Soap finish

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tibi

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Hello,

I am now working on building a small workbench (out of an ash table, that I have built as my first-ever project two years ago - I was not satisfied with it, so I am turing it to a toy workbench for my son).

I do not have enough ash, so I will use original ash for top and legs and oak for stretchers and aprons. I would like to try soap finish (which I have read that it is suitable for light coloured hardwoods and softwoods).

Can you tell me pros and cons of soap finish, its durability compared to BLO, how often it needs to be reapplied and if it is difficult to prepare?

Would it be also a good finish for dining table or coffee table or it is not suitable for furniture with a lot of wear surfaces?

Thank you.
 
My parents have a beech coffe table finished with soap, the colour is beautiful after more than 20 years and the patina is beautiful. But if you can't accept patina look elsewhere.

It reduces the friction so I don't think it is good for workbenches. Why not linseed oil? Just buy a quality linseed oil. Linseed oil should always be cold pressed and be prepared properly. Many cheap "boiled" linseed oils are not boiled, they just have a lot of additives to make the dry. The heat extraction also extracts a lot of stuff that doesn't help preserve the wood. So even if the oil is cheap you are paying for stuff that a serious manufacturer would discard as waste.
 
My parents have a beech coffe table finished with soap, the colour is beautiful after more than 20 years and the patina is beautiful. But if you can't accept patina look elsewhere.

It reduces the friction so I don't think it is good for workbenches. Why not linseed oil? Just buy a quality linseed oil. Linseed oil should always be cold pressed and be prepared properly. Many cheap "boiled" linseed oils are not boiled, they just have a lot of additives to make the dry. The heat extraction also extracts a lot of stuff that doesn't help preserve the wood. So even if the oil is cheap you are paying for stuff that a serious manufacturer would discard as waste.
Thanks Jorny,

I have boiled linseed oil at home and I have used it many times. The workbench will be a toy and my son will not produce anything real on it, so I do not worry about the top being slippery. By the time I allow him to touch anything sharp, he will be tall enough to use an adult bench - he is very tall for his age, so I assume that at 8-9 years old he will be a small adult. :)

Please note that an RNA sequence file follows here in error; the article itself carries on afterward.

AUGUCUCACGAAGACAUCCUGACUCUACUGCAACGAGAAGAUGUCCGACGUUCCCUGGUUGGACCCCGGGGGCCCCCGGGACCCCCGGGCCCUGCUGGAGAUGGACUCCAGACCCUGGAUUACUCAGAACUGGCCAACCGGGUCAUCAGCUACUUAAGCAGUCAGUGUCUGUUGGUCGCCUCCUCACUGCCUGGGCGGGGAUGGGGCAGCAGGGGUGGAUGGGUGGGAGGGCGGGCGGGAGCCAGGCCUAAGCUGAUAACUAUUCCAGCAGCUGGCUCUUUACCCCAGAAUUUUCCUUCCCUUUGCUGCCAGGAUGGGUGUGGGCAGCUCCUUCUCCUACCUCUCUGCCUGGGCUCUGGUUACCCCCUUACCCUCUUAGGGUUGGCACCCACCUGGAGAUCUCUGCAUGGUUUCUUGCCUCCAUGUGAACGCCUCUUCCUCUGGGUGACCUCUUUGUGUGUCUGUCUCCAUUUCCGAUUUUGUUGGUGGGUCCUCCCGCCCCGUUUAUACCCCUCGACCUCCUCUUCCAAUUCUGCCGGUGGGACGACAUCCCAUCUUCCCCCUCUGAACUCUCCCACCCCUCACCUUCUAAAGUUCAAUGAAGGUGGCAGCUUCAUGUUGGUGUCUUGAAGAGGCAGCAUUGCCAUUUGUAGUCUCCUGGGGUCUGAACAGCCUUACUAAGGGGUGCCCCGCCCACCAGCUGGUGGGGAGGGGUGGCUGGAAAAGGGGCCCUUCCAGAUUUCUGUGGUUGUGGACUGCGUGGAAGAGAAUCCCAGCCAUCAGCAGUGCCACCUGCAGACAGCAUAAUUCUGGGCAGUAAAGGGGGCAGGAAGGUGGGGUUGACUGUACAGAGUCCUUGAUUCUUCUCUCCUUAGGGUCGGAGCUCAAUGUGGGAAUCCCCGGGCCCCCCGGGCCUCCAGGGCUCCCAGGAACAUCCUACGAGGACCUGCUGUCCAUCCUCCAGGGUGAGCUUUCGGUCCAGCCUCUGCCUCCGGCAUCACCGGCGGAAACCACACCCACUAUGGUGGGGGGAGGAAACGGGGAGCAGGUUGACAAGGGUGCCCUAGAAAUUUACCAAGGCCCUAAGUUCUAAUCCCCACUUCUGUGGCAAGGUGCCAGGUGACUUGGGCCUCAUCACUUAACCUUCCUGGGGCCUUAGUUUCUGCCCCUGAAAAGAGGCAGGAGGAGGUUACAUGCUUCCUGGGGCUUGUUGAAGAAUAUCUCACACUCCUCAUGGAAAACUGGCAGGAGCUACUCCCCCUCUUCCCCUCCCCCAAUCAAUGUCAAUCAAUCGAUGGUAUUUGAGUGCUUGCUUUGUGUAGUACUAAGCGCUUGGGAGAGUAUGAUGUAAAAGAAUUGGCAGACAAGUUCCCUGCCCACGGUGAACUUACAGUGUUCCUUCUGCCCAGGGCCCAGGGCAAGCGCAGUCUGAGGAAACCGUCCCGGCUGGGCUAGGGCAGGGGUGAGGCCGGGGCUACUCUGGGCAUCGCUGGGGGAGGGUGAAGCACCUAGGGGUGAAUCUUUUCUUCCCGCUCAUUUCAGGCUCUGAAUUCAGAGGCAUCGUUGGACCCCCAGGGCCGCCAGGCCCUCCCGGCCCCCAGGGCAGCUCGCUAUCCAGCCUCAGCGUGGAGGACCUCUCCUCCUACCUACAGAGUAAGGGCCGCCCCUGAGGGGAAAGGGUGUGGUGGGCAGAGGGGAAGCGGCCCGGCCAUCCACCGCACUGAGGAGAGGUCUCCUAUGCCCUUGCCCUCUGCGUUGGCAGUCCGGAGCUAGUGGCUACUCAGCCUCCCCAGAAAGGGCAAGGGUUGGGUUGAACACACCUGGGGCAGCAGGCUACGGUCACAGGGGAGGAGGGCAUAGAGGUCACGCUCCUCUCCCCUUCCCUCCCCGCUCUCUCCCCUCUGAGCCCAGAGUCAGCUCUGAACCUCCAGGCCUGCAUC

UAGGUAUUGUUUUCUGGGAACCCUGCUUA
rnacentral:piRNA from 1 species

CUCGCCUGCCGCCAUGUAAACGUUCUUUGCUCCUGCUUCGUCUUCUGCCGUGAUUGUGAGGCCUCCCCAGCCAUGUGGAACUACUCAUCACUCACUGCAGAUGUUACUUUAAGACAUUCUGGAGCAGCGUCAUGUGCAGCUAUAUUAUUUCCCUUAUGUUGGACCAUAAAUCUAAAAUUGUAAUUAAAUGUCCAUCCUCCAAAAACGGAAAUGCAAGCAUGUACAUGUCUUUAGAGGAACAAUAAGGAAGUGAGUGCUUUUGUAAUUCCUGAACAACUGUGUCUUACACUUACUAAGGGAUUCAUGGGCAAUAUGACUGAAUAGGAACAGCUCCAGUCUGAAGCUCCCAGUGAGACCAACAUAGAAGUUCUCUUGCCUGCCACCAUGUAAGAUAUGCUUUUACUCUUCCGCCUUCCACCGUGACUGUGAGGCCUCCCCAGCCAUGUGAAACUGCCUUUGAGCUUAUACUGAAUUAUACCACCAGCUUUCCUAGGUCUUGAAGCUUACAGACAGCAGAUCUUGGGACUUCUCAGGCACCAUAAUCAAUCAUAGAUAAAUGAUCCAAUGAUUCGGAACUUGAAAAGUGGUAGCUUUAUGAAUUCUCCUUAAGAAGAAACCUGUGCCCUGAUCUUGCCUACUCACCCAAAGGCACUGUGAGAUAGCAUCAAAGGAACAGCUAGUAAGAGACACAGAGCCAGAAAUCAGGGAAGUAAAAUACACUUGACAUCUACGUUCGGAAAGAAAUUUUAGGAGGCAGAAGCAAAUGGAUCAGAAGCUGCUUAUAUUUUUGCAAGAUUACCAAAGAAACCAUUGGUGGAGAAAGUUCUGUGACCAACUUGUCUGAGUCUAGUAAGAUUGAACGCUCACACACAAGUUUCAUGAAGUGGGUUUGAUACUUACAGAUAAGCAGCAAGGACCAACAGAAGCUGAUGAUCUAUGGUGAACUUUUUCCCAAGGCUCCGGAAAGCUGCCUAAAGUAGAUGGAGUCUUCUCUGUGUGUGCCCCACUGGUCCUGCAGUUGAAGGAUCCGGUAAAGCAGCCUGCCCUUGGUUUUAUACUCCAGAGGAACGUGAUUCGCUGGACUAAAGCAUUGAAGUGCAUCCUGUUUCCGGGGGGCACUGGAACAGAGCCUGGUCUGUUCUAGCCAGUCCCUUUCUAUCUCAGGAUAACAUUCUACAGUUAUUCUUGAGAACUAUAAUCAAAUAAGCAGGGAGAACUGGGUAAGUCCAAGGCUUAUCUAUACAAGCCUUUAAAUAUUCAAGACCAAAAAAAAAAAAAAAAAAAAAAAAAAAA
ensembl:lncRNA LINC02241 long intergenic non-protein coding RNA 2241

I just wanted to test the soap finish on something that will not be inside the house, so I will evaluate if I like the look and then I may use the soap finish on the living room furniture and kitchen furniture that I intend to build later.
 
It's not difficult to prepare. I made some soap finish last year, it works OK (you can watch if you like, or not, it's up to you. That was my first time doing it, and takes no special equipment). It is used a lot in Scandinavia, but does need to be refreshed fairly regularly (not difficult to do, depending on how thick you make it). Buy natural soap flakes if you can. There are a few videos out there in English, but not many. It's sitting in a jar with my other finishes at the moment. I sometimes get asked to make things that will be used for massage, I'm sure they have a technical name, but I only ever get sent a design. The recipient didn't want BLO or shellac, so that was when I started with the soap finish. (it's a nice finish to use, takes a few coats to get looking OK, won't really pop grain like an oil or shellac, but does leave everything smelling nice.) Mine is quite thick so I tend to apply it by hand. Might be a fun activity for your son to do for the toy bench.

Not sure how useful it would be on a table, it would probably depend on how much use the table got, where it's sited etc. No reason not to give it a try though, it's a good excuse to make another small side table. (You can always chop the legs down and use it in the bathroom.)
 
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It's not difficult to prepare. I made some soap finish last year, it works OK (you can watch if you like, or not, it's up to you. That was my first time doing it, and takes no special equipment). It is used a lot in Scandinavia, but does need to be refreshed fairly regularly (not difficult to do, depending on how thick you make it). Buy natural soap flakes if you can. There are a few videos out there in English, but not many. It's sitting in a jar with my other finishes at the moment. I sometimes get asked to make things that will be used for massage, I'm sure they have a technical name, but I only ever get sent a design. The recipient didn't want BLO or shellac, so that was when I started with the soap finish. (it's a nice finish to use, takes a few coats to get looking OK, won't really pop grain like an oil or shellac, but does leave everything smelling nice.) Mine is quite thick so I tend to apply it by hand. Might be a fun activity for your son to do for the toy bench.

Not sure how useful it would be on a table, it would probably depend on how much use the table got, where it's sited etc. No reason not to give it a try though, it's a good excuse to make another small side table. (You can always chop the legs down and use it in the bathroom.)

Thank you Colin for your video. I will try to prepare it and see how much I like it.
 

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